tendency to under weigh claims that oppose current beliefs



an empty, disinterested pain combined with an anxiety that sometimes suggests misuse of internal and external resources



1. pay serious attention

2. concerned

3.      protecting and providing for


Categorical imperative (Kant)

If you think others in a similar situation should do a thing, you should do the thing. If you think you should do a thing, others in a similar situation should also do the thing.



1. a factor that changes the probability of a result; influence, contribute

2. activity that one is dedicated to



communication that is legally forbidden



1. having no doubts

2. inevitable

3. claim with 100 percent probability of being true


Character, Moral

1. aggregate of morally relevant traits in a being, especially the efforts chosen, consequences of those efforts, and the rules chosen; includes the motives and reasons behind those rules, efforts, and consequences

An individual with moral character:



Mistaken beliefs that consist of one or more of the following:

·        If someone makes some choice, others do not have any explicit or implied obligations (example: The people in East Timor chose to fight back. It they get their butt kicked, that’s their problem.)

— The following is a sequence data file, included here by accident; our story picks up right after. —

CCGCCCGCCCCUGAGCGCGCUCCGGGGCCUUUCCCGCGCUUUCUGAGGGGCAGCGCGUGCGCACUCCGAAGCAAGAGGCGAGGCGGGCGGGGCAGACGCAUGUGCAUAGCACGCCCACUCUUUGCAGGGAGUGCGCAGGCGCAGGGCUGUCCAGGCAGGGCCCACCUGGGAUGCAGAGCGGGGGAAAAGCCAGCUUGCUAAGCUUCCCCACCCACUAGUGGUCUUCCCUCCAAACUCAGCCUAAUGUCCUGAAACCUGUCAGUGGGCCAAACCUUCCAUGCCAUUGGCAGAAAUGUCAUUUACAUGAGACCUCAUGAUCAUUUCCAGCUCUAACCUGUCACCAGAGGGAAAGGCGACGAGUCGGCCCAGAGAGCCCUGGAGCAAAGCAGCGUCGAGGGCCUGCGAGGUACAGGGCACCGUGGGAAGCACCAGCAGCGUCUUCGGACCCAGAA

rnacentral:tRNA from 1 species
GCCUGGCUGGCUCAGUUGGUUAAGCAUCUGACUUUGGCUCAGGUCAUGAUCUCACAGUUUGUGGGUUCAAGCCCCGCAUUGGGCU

·        If you make a choice, it must be the right choice.

·        If you make a choice, no one has the right to criticize it.

·        Morality is only about choose-didn’t choose.



fallacy of trying support a conclusion by repeating it, usually with words different enough so the repitition is not obvious.



easy to understand


Clarity, despair

improved knowledge and focus as a result of despair



Clarity, philosophical

increased knowledge and memory of that knowledge

Clarity, reamed

improved knowledge and focus as a result of being reamed



understandable, precise enough, and detailed enough



wrongful influence characterized by legal or physical force or the threat of legal or physical force



1. two or more interests acting together in a way that is morally or legally wrong--or should be legally wrong.